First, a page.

Article Text

other Versions

PDF
Dental pathology in conventionally fed and pasture managed dairy cattle
  1. A. N Fadden, BS1,
  2. K. P. Poulsen, DVM PhD, DACVIM2,
  3. J. Vanegas, DVM, MPVM1,
  4. J. Mecham, DVM1,
  5. R. Bildfell, DVM, MS, DACVP3 and
  6. S. M. Stieger-Vanegas, DVM PhD, DECVDI1
  1. 1Departments of Clinical Sciences, Oregon State University, Corvallis, OR 97331, USA
  2. 2Wisconsin Veterinary Diagnostic Laboratory and Department of Medical Sciences, School of Veterinary Medicine, University of Wisconsin, Madison, WI 53706, USA
  3. 3Biomedical Sciences, College of Veterinary Medicine, Oregon State University, Corvallis, OR 97331, USA
  1. Correspondence toE-mail for correspondence: keith.poulsen{at}wvdl.wisc.edu

Abstract

Healthy teeth are important in the first stages of digestion for dairy cattle, yet little is known about bovine dental disease. This study aimed to investigate dental pathology of dairy cattle in two parts. First dairy cattle cadaver heads (n=11) were examined at the time of culling. Second, the authors performed oral exams in cattle fed a total mixed ration (TMR) (n=200) and pasture-based (n=71) grazing cattle. Cadaver heads were imaged using radiography and computed tomography before gross dissection to study dental anatomy and pathology. The most prevalent dental abnormalities were excessive transverse ridging of the occlusal surface, the presence of diastemas and third molar dental overgrowths (M3DO) in cadaver heads. Average thickness of subocclusal dentine ranged from 3.5 mm to 5.8 mm in cheek teeth but was >10 mm in maxillary teeth with M3DO. Radiographic findings were compared with oral examinations in live cattle. Prevalence of M3DO upon oral examination was 19 per cent and 28 per cent in herds of cattle fed a TMR diet and 0 per cent in a herd of grazing cattle. Dental abnormalities are prevalent in dairy cattle but due to thin subocclusal dentine in the cheek teeth, established equine dental treatment methodology is not appropriate for bovine cheek teeth with the exception of those that have developed M3DO.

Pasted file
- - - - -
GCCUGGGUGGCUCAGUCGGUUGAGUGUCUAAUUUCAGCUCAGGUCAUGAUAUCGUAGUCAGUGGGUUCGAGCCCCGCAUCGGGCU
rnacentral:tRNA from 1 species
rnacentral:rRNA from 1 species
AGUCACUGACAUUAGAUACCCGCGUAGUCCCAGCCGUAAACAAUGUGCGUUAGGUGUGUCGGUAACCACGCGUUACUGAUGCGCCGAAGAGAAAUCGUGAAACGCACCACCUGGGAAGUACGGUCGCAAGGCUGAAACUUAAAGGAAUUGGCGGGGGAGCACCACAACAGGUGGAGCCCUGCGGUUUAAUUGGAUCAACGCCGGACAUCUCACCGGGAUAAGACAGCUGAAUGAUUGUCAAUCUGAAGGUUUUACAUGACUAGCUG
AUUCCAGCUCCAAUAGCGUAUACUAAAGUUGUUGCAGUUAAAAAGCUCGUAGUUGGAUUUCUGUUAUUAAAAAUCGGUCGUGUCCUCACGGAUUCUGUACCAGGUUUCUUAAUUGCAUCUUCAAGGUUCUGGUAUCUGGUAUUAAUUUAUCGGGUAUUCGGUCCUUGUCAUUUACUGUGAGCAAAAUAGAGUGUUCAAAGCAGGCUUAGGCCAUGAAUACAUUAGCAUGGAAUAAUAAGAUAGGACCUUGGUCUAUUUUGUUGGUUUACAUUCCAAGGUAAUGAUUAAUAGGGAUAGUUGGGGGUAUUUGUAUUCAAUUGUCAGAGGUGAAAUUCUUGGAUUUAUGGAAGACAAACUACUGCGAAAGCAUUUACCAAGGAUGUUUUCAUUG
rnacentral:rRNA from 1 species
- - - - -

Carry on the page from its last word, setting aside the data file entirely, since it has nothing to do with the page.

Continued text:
• Dentistry
  • Dairy cattle
  • X-ray techniques
  • Computed tomography (CT)
  • Accepted November 18, 2015.

Statistics from Altmetric.com

Request permissions

If you wish to reuse any or all of this article please use the link below which will take you to the Copyright Clearance Center’s RightsLink service. You will be able to get a quick price and instant permission to reuse the content in many different ways.